Alex also takes on the argument that UKIP ate significantly into Labour's vote because it was too left. Drawing on work done for the British Election Survey, Jane Green and Chris Prosser found that people were actually more likely to vote Labour if it was perceived to be left wing. If it portrays itself as a centre party, it's less likely to attract voters. That appears to fly in the face of experience, particularly when we ponder Tony Blair and the triumph of 1997. But not if you consider what has happened to Scottish Labour, or the Socialists in France, or PASOK and now SYRIZA in Greece, and you might add Hillary Clinton and the Democrats. That is if centre or radical left parties are seen to be abandoning their core values and commitment to social justice and/or socialism and attacking the constituencies that support them, punishment can go beyond bad election results: it can destroy the party. Nevertheless, in the face of inconvenient evidence others went out and found some that supported their arguments. For example, Jon Cruddas popped up with some data claiming that austerity was popular with voters, which is why Labour lost. The basis for such a bold claim was 56% of respondents agreeing to "we must live within our means, so cutting the deficit is the top priority." Deploying leading questions is something social scientists learn to avoid from GCSE onwards as they have a tendency to produce distorted results. Simultaneously, Lord Ashcroft asked a 12,000-strong sample more plainly whether the government should continue with austerity. 54% said no.
What was also important about the would-be leadership contenders' stampede to the right was how far they had misjudged the party mood. The assumption appears to be that because David Miliband carried the party membership in 2010 that rinsing and repeating would have a similar effect. Disastrously so in the case of Liz Kendall. It was a collective failure of listening, of writing off the sceptical voices who always got up in their CLPs to criticise the neglect of the working class or pursuit of policies inimical to labour movement interests. Unfortunately for them, far from being isolated they were merely articulating what a large number of party members think and felt. Under Ed Miliband Alex makes the case that the party membership moved to the left, and was encouraged to stay there as the factions of the Parliamentary Labour Party jostled over the Falkirk affair and generally carried on as if the rest of the party were spectators. It meant that as far as Jeremy Corbyn's success was concerned, it was more or less a foregone conclusion as soon as he got on the ballot paper.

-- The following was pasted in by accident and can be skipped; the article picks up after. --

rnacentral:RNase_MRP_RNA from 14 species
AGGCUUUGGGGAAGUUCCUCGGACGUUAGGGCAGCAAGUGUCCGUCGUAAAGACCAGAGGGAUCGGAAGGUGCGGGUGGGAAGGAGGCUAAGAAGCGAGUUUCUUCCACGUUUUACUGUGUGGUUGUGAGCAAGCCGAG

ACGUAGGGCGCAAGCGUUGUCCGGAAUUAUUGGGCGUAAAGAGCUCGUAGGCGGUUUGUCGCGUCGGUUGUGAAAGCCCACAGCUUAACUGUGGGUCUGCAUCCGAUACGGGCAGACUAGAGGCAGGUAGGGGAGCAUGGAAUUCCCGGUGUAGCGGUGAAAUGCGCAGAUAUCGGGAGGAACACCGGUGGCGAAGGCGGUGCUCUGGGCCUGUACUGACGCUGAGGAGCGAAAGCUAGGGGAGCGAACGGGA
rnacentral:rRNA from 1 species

This claim is and will continue to be subject to much debate. I've argued before that Harriet Harman's tax credit debacle had an important role in catalysing support behind the Corbyn campaign, whereas Alex argues Jeremy was in the lead by that stage. The other candidates didn't help themselves. Liz Kendall was all for cutting them, Yvette Cooper more quietly in favour, and Andy Burnham adopted a position that satisfied nobody. Had they read the mood properly, or indeed had they been different candidates entirely then things may have turned out differently.
Continuing in the myth-busting theme, Alex takes on the argument that Corbynism represented a revolt of the middle class, as it it was a performative take over of the Labour Party by people uninterested in changing the world, but keen to shove their leftist identity politics down bamboozled party members' throats. It seemed to me then that this was more a case of Jeremy's opponents bumping into his more annoying supporters on social media and extrapolating from there. As it turned out, this as nothing of the sort. In polling done by YouGov, Alex notes how in the first week of August 2015, 36% of Jez backers were from the AB social grades. This compared to 40% for Andy, 48% for Yvette, and 65% for Liz(!). Across the party as a whole, Jez support comprised 51% of the ABC1s and 57% the C2DEs. If you buy the nonsense that the Labour Party is becoming more middle class, then Jeremy Corbyn's support base is disproportionately working class.
I've just picked out a few of the polemical targets Alex takes aim at. All throughout The Candidate, there are amusing asides and quips at the expense of the Labour right and equally as befuddled journos and commentators. As a history of Corbynism in its initial phase, it's difficult to see how it can ever be surpassed. Stephen Bush calls it a a court biography, but that does not detract from its quality at all. Alex has written a book that any honest treatment of Corbyn and Corbynism has to reckon with. I therefore hope he is thinking about a sequel that picks up from day one of Jeremy's leadership, but as it's still early we'll have to wait quite a while for that one to appear.